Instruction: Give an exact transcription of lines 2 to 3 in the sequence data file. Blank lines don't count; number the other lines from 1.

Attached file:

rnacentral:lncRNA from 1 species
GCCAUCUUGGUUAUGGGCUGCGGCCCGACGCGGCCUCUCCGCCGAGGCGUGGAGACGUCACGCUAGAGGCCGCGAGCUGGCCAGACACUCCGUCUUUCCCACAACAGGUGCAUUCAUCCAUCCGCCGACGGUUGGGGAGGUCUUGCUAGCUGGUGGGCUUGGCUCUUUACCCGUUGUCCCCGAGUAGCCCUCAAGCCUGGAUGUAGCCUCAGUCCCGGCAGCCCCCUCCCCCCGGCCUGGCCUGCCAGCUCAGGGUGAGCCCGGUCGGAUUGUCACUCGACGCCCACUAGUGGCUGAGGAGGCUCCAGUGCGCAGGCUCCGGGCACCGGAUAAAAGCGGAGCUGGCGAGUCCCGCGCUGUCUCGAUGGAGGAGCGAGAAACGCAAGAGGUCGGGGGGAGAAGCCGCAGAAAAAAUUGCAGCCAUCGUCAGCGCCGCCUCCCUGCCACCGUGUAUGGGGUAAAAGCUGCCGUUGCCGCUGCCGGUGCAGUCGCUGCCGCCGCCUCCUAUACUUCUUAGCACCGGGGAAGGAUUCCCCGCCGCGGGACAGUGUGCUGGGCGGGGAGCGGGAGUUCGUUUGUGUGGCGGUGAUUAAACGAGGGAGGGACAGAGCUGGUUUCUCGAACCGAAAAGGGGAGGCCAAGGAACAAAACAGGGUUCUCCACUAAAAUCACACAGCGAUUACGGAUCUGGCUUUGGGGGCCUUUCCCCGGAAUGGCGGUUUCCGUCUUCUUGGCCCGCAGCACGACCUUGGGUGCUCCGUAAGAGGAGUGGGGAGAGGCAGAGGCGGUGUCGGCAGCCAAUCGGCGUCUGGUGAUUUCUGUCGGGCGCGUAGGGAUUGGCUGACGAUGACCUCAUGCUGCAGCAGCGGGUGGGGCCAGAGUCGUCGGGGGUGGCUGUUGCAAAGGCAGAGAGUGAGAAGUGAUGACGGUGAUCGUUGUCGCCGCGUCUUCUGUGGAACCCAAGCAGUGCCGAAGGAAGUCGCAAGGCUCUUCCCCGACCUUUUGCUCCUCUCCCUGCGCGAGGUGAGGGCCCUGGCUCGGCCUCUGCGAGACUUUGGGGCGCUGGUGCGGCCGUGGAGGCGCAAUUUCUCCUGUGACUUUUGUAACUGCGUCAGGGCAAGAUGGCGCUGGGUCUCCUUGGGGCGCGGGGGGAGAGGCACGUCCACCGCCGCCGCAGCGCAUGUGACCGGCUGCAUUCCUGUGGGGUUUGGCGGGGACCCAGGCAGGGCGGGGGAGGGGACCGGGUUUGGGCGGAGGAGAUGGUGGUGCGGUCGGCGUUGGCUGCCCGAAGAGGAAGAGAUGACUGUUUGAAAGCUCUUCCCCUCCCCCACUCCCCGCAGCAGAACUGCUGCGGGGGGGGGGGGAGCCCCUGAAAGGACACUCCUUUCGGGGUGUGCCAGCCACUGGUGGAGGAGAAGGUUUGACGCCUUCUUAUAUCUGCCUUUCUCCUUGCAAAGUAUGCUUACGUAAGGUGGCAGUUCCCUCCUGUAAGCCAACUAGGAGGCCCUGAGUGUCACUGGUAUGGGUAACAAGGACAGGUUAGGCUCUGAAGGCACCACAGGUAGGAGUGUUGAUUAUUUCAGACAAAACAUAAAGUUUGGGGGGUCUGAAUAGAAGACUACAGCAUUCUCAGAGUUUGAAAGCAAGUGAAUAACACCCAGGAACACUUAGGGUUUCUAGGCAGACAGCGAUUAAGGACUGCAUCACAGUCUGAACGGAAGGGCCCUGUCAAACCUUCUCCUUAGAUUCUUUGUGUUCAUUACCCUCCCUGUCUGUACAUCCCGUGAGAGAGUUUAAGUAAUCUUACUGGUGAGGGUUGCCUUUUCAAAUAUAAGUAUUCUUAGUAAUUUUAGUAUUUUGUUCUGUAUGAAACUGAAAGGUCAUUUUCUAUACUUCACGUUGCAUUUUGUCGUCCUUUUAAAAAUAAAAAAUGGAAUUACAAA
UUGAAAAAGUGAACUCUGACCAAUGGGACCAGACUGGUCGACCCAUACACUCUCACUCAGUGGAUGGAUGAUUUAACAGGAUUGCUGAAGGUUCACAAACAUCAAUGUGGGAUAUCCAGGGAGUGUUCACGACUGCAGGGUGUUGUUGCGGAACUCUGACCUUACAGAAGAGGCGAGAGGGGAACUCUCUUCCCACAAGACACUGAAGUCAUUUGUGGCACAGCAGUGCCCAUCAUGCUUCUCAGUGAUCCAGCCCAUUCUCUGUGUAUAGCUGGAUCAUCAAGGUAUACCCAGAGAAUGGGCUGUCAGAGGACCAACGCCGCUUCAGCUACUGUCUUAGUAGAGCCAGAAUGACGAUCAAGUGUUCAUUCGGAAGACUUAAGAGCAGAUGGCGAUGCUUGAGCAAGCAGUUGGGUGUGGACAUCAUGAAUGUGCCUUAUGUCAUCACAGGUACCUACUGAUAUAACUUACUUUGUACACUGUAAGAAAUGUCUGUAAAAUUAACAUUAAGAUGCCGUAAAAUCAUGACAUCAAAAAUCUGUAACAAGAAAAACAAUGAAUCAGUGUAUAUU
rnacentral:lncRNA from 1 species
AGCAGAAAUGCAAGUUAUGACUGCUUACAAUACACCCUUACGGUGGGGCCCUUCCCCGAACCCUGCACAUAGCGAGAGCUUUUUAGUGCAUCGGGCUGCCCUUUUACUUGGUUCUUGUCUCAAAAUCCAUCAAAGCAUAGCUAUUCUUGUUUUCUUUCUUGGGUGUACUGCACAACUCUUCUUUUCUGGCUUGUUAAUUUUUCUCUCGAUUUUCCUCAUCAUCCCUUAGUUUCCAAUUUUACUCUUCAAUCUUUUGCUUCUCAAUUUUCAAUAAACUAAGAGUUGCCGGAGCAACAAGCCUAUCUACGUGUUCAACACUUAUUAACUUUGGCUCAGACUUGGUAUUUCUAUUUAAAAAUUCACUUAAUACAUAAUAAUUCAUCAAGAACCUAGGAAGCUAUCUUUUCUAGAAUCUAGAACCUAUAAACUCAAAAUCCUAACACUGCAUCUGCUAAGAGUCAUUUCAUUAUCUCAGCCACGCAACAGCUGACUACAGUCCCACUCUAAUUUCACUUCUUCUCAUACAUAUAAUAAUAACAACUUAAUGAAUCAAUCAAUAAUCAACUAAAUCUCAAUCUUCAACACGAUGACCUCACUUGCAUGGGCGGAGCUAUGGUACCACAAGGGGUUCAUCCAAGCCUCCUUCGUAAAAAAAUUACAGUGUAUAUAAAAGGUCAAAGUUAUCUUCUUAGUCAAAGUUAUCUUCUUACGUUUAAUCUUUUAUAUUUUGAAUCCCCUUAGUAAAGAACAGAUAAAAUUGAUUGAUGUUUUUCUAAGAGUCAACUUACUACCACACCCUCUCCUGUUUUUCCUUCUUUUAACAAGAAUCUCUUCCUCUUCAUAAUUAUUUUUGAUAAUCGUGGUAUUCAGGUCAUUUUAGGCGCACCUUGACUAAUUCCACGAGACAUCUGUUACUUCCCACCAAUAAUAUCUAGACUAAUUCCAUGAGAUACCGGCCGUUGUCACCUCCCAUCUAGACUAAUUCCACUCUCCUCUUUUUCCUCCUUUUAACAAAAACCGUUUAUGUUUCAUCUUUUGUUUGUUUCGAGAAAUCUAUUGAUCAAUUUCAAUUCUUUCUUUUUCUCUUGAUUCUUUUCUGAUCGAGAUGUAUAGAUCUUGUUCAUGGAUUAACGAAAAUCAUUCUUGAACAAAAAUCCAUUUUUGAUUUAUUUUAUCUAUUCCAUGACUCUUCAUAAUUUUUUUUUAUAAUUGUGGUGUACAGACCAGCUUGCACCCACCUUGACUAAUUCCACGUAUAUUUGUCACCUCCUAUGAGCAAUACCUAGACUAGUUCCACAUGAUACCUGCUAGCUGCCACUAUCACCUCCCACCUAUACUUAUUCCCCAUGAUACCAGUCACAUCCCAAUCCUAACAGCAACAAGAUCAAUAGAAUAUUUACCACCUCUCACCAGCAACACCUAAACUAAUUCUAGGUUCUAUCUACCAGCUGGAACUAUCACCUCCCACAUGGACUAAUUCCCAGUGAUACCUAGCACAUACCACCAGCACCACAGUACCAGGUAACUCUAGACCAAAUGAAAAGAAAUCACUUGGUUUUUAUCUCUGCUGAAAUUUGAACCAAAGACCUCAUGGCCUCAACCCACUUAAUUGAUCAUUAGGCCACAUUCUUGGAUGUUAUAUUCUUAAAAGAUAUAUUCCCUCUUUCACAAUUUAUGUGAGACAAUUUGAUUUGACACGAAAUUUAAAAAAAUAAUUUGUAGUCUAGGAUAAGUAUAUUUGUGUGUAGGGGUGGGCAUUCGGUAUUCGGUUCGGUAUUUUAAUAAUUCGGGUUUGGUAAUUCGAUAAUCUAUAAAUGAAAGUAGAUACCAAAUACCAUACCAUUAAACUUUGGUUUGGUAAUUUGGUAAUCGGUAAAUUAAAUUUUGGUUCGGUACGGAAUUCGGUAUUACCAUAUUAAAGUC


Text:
GCCAUCUUGGUUAUGGGCUGCGGCCCGACGCGGCCUCUCCGCCGAGGCGUGGAGACGUCACGCUAGAGGCCGCGAGCUGGCCAGACACUCCGUCUUUCCCACAACAGGUGCAUUCAUCCAUCCGCCGACGGUUGGGGAGGUCUUGCUAGCUGGUGGGCUUGGCUCUUUACCCGUUGUCCCCGAGUAGCCCUCAAGCCUGGAUGUAGCCUCAGUCCCGGCAGCCCCCUCCCCCCGGCCUGGCCUGCCAGCUCAGGGUGAGCCCGGUCGGAUUGUCACUCGACGCCCACUAGUGGCUGAGGAGGCUCCAGUGCGCAGGCUCCGGGCACCGGAUAAAAGCGGAGCUGGCGAGUCCCGCGCUGUCUCGAUGGAGGAGCGAGAAACGCAAGAGGUCGGGGGGAGAAGCCGCAGAAAAAAUUGCAGCCAUCGUCAGCGCCGCCUCCCUGCCACCGUGUAUGGGGUAAAAGCUGCCGUUGCCGCUGCCGGUGCAGUCGCUGCCGCCGCCUCCUAUACUUCUUAGCACCGGGGAAGGAUUCCCCGCCGCGGGACAGUGUGCUGGGCGGGGAGCGGGAGUUCGUUUGUGUGGCGGUGAUUAAACGAGGGAGGGACAGAGCUGGUUUCUCGAACCGAAAAGGGGAGGCCAAGGAACAAAACAGGGUUCUCCACUAAAAUCACACAGCGAUUACGGAUCUGGCUUUGGGGGCCUUUCCCCGGAAUGGCGGUUUCCGUCUUCUUGGCCCGCAGCACGACCUUGGGUGCUCCGUAAGAGGAGUGGGGAGAGGCAGAGGCGGUGUCGGCAGCCAAUCGGCGUCUGGUGAUUUCUGUCGGGCGCGUAGGGAUUGGCUGACGAUGACCUCAUGCUGCAGCAGCGGGUGGGGCCAGAGUCGUCGGGGGUGGCUGUUGCAAAGGCAGAGAGUGAGAAGUGAUGACGGUGAUCGUUGUCGCCGCGUCUUCUGUGGAACCCAAGCAGUGCCGAAGGAAGUCGCAAGGCUCUUCCCCGACCUUUUGCUCCUCUCCCUGCGCGAGGUGAGGGCCCUGGCUCGGCCUCUGCGAGACUUUGGGGCGCUGGUGCGGCCGUGGAGGCGCAAUUUCUCCUGUGACUUUUGUAACUGCGUCAGGGCAAGAUGGCGCUGGGUCUCCUUGGGGCGCGGGGGGAGAGGCACGUCCACCGCCGCCGCAGCGCAUGUGACCGGCUGCAUUCCUGUGGGGUUUGGCGGGGACCCAGGCAGGGCGGGGGAGGGGACCGGGUUUGGGCGGAGGAGAUGGUGGUGCGGUCGGCGUUGGCUGCCCGAAGAGGAAGAGAUGACUGUUUGAAAGCUCUUCCCCUCCCCCACUCCCCGCAGCAGAACUGCUGCGGGGGGGGGGGGAGCCCCUGAAAGGACACUCCUUUCGGGGUGUGCCAGCCACUGGUGGAGGAGAAGGUUUGACGCCUUCUUAUAUCUGCCUUUCUCCUUGCAAAGUAUGCUUACGUAAGGUGGCAGUUCCCUCCUGUAAGCCAACUAGGAGGCCCUGAGUGUCACUGGUAUGGGUAACAAGGACAGGUUAGGCUCUGAAGGCACCACAGGUAGGAGUGUUGAUUAUUUCAGACAAAACAUAAAGUUUGGGGGGUCUGAAUAGAAGACUACAGCAUUCUCAGAGUUUGAAAGCAAGUGAAUAACACCCAGGAACACUUAGGGUUUCUAGGCAGACAGCGAUUAAGGACUGCAUCACAGUCUGAACGGAAGGGCCCUGUCAAACCUUCUCCUUAGAUUCUUUGUGUUCAUUACCCUCCCUGUCUGUACAUCCCGUGAGAGAGUUUAAGUAAUCUUACUGGUGAGGGUUGCCUUUUCAAAUAUAAGUAUUCUUAGUAAUUUUAGUAUUUUGUUCUGUAUGAAACUGAAAGGUCAUUUUCUAUACUUCACGUUGCAUUUUGUCGUCCUUUUAAAAAUAAAAAAUGGAAUUACAAA
UUGAAAAAGUGAACUCUGACCAAUGGGACCAGACUGGUCGACCCAUACACUCUCACUCAGUGGAUGGAUGAUUUAACAGGAUUGCUGAAGGUUCACAAACAUCAAUGUGGGAUAUCCAGGGAGUGUUCACGACUGCAGGGUGUUGUUGCGGAACUCUGACCUUACAGAAGAGGCGAGAGGGGAACUCUCUUCCCACAAGACACUGAAGUCAUUUGUGGCACAGCAGUGCCCAUCAUGCUUCUCAGUGAUCCAGCCCAUUCUCUGUGUAUAGCUGGAUCAUCAAGGUAUACCCAGAGAAUGGGCUGUCAGAGGACCAACGCCGCUUCAGCUACUGUCUUAGUAGAGCCAGAAUGACGAUCAAGUGUUCAUUCGGAAGACUUAAGAGCAGAUGGCGAUGCUUGAGCAAGCAGUUGGGUGUGGACAUCAUGAAUGUGCCUUAUGUCAUCACAGGUACCUACUGAUAUAACUUACUUUGUACACUGUAAGAAAUGUCUGUAAAAUUAACAUUAAGAUGCCGUAAAAUCAUGACAUCAAAAAUCUGUAACAAGAAAAACAAUGAAUCAGUGUAUAUU